The Covid-19 pandemic has accentuated existing food security issues in Africa and given rise to some new challenges. With an economic downturn under way, efforts to combat hunger are beingaccelerated. While short-term measures are part of the solution, the crisis has also made a powerful case for long-term change. The IMF projects that a worldwide recession will follow on the heels of the Covid-19 pandemic, resulting in a drop of around 4% in global GDP. Due to climate change and political instability, parts of Africa were already grappling with food security issues, making a recession an unwelcome addition to the mix. Net food exporters have been particularly affected by internal pressures, such as productivity slumps caused by lockdowns, and external pressures, including the disruption of international supply chains. Some governments have been unable to guarantee sufficient food supplies, a situation that has the potential to lead to broader instability and, ultimately, conflict. Nevertheless, Covid-19 is generating opportunities for meaningful change, and it is hoped that the pandemic will give rise to new approaches to food security. “The opportunities for growth in Africa reflect resilience as a primary objective,” Driss Benomar, chair of the Atlantis Center for Geostrategic and Research Studies, told OBG. “This means smoothing supply chains into effective pan-African management schemes that include regulatory frameworks; expanding and sharing capacity in the health sector; systematically investing in infrastructure, sometimes across borders; and enhancing telecommunications.” An ongoing food crisis Prior to Covid-19 some 73m people on the continent were classified as…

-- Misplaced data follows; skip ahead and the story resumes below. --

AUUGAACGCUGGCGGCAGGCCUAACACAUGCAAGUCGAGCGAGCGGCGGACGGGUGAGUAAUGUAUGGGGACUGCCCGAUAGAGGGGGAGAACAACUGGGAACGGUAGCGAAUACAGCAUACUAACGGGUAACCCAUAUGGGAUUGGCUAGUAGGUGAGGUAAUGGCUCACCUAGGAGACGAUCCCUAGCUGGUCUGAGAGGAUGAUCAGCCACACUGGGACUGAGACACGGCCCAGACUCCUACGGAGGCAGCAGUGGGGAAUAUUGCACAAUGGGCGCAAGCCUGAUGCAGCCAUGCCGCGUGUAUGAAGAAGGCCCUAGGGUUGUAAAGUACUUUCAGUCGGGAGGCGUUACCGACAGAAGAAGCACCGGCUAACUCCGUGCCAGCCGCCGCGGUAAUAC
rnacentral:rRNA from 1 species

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Source: Nomad Africa Magazine